Wednesday, February 4, 2015

Bandsaw Vise

I wanted to add a bandsaw to my workshop, but because of limited space I needed something small. The Grizzly G8692 portable bandsaw and stand were the right size and definitely the right price.

The big problem was the included vise. It was too flimsy and stood way too far away from the blade. If you're never cutting a piece less than 12" long it might work, but it's utterly useless cutting anything short.

The first thing I did was move the vise toward the saw by 1.5". That's as close as I could get it without the saw hitting the vise. At this distance the saw cuts slightly into the vise base, but that's fine. The vise's quick release lever needed to be slightly shortened so it wouldn't interfere with the saw. The bolt also interfered with the saw so I switched it out for a socket head cap screw on which I turned the head down to a smaller diameter.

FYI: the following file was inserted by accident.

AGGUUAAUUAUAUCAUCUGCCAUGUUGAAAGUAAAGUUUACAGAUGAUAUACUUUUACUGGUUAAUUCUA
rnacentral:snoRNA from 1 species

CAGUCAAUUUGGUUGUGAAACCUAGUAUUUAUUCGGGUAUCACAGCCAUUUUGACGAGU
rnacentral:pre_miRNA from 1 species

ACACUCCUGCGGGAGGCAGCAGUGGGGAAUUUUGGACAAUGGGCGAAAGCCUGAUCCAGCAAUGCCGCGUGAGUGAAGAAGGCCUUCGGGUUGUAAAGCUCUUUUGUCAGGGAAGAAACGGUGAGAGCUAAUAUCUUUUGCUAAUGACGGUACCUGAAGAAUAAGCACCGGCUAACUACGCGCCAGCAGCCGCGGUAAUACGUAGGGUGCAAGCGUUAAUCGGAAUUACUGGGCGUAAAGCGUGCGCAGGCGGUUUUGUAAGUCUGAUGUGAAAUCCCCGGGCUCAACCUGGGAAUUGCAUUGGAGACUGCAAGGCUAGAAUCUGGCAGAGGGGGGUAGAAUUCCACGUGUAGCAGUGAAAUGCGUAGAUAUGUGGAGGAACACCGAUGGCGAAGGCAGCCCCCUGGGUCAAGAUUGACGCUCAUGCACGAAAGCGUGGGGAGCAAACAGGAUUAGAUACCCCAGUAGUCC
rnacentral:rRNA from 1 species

Then I cut sections of 2" wide 1/8" steel plate to extend the vise jaws all the way to the edge of the saw blade. In addition, the fixed saw got an extra 1/8" plate bolted to its back to help stiffen it more. The plates and jaws were welded together at their edges. A brace was also added between the fixed jaw and the base.

1/8" steel reinforcing plates welded into place.

Brace welded in place.

Since the moving jaw on the bandsaw vise is on a pivot, if what you're clamping doesn't extend beyond the pivot, the whole jaw will rotate and won't clamp. To fix this I drilled a 1/2" hole in the fixed jaw on the end of the vise opposite the saw, and welded a 5/16" nut to the outside of it. I then took a piece of 5/16 threaded rod, red Loctited two nuts onto the end, turned the other end flat and chamfered it, and then threaded it through nut. Now I can quickly thread the rod through to space the moving jaw correctly.

Threaded rod in place, screwed all the way out.

Threaded rod adjusted in to space the moving jaw.

It's still not perfect, but it's very usable now.

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